Before heading out, I unpacked and tested the unit briefly to make sure it worked properly, but I didn’t feel good about doing that for a review. So, I waited to get out into the woods and actually depend on it for comfort.
At my campsite, I put the Wave 2 inside my Shiftpod shelter. For those unfamiliar, Shiftpods are quick-setup insulated shelters that are commonly used at music festivals and other situations where people would “glamp.” One really cool thing about them is that they’re pre-made to accept hoses from heating and air conditioning units, and the openings clamp down over the hoses to keep air leakage to a minimum. They also have another drawstring hole below the HVAC holes for an electrical cord (either from the grid, a generator, or even solar panels).
Despite my Shiftpod being somewhat large (it’s not the Mini), the Wave 2 quickly cooled the inside of the tent down and made it comfortable to sleep for as long as it ran. But (through no fault of EcoFlow), it eventually stopped running.
Which brings me to the only three things to watch out for in my testing.
First, make sure you have adequate power for your particular needs. Eco mode probably won’t cut it for the hottest weather, so the built-in battery’s advertised 8-hour runtime won’t happen. For milder weather, though, that’s probably about right. If you have access to grid power, this isn’t a problem at all, but if you’re trying to heat or cool a shelter or structure off-grid in poor conditions, expect to use 500-600 watts continuously and plan your solar and battery accordingly.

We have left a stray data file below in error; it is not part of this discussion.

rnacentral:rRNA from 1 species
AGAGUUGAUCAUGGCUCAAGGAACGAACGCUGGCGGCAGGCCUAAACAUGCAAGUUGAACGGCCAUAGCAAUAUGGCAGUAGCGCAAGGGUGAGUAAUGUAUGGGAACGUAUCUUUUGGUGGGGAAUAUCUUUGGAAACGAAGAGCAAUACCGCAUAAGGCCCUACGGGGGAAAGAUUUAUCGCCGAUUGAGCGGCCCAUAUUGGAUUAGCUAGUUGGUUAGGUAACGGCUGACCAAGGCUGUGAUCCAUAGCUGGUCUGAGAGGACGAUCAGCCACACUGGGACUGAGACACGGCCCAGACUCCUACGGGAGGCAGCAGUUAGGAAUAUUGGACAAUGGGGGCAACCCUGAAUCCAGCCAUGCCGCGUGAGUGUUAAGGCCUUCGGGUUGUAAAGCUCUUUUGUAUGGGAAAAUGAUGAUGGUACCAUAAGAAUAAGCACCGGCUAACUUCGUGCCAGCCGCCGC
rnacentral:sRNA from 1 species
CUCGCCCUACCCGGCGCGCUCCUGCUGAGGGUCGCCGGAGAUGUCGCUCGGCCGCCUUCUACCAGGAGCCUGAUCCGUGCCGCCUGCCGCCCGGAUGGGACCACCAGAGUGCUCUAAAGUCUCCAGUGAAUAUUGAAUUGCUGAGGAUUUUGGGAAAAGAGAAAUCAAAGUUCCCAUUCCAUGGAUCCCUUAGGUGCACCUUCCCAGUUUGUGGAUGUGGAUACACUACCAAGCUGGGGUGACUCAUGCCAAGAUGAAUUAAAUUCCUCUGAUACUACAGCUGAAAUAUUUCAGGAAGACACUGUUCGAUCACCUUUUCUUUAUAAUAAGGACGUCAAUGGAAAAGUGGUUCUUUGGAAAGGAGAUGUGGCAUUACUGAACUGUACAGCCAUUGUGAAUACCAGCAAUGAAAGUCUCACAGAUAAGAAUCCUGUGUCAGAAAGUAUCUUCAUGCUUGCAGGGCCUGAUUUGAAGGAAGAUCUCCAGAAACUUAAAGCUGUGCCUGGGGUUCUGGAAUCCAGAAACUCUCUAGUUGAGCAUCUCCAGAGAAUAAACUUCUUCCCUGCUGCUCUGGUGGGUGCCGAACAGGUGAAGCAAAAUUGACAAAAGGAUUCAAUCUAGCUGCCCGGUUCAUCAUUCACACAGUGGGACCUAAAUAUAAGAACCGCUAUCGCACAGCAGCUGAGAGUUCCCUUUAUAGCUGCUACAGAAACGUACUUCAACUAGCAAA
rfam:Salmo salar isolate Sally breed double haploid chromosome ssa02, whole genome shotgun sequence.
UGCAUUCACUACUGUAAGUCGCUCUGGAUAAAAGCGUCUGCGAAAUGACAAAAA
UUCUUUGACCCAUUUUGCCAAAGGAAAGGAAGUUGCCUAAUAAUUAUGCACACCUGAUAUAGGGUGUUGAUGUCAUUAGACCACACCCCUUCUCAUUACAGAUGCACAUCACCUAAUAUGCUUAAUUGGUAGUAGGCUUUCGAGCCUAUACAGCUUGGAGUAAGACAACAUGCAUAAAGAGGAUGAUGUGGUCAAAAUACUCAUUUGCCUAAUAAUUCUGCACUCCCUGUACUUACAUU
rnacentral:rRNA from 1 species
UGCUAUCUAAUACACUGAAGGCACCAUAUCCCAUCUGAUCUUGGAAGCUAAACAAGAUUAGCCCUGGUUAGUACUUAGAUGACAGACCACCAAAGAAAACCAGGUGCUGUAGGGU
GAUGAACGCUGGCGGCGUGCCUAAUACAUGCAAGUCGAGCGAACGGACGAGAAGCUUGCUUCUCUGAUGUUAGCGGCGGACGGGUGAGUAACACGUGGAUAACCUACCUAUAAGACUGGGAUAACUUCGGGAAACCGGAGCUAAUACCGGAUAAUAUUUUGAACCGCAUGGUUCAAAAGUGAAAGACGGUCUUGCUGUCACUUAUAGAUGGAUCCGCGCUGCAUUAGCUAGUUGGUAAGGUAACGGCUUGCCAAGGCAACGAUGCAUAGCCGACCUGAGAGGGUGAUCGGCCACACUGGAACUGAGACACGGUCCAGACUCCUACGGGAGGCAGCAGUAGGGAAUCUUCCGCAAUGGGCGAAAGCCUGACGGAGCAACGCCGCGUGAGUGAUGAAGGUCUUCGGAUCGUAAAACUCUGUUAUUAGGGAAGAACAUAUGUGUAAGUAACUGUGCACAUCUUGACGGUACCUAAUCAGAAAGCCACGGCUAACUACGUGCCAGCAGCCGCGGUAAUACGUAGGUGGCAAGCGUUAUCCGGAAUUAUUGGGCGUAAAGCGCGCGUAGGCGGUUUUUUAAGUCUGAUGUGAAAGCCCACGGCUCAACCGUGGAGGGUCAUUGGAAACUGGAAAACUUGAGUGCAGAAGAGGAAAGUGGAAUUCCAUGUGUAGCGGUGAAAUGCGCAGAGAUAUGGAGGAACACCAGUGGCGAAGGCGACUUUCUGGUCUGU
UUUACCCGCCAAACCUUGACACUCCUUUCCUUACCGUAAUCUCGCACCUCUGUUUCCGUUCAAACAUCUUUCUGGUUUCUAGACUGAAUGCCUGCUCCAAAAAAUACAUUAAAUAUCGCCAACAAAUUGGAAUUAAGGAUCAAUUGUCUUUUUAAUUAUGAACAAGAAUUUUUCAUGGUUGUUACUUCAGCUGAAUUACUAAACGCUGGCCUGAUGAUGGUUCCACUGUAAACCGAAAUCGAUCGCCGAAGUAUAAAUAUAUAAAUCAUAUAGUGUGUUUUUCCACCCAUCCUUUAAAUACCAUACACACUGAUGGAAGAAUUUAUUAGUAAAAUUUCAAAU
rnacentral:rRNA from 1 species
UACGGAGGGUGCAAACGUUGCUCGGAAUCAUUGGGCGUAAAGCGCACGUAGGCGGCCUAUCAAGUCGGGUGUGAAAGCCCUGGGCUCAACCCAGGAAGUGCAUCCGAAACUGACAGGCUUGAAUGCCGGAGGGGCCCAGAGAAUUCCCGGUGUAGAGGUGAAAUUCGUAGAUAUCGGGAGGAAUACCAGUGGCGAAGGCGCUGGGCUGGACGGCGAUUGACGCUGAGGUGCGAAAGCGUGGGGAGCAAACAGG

On future trips, I’m going to use my EV’s battery as a backup power source in the event my solar doesn’t keep up with demand. It didn’t help that my campsite was in the middle of an unexpected thermal inversion (temperatures were hotter at the top of the mountain than the bottom) and that a bunch of clouds came through that weren’t in the forecast. So, it’s most definitely my own fault and not EcoFlow’s!
Another thing I’d recommend keeping in mind is that the unit isn’t designed to be super rugged. It’s not made of glass or anything, but don’t plan on just throwing the unit in the back of a pickup and driving down a forest road. Hoping for the best won’t get you very far if you don’t keep it in the original packaging or use the optional carry bag. Using either of those options gives you the added benefit of having a clean spot to store all of the accessories, hoses, and other things you might need on trips.
Finally, I found that the Shiftpod’s blackout material did help keep the light out during some daytime sleeping, but the hoses did end up letting in some light. This was easily solved by covering the hoses with a towel.
All in all, despite these minor issues, I had a great experience taking the EcoFlow Wave 2 on my off-grid trip. If you get one, and learn from my experience ahead of time, you’ll have an excellent experience just like I’m going to on future trips.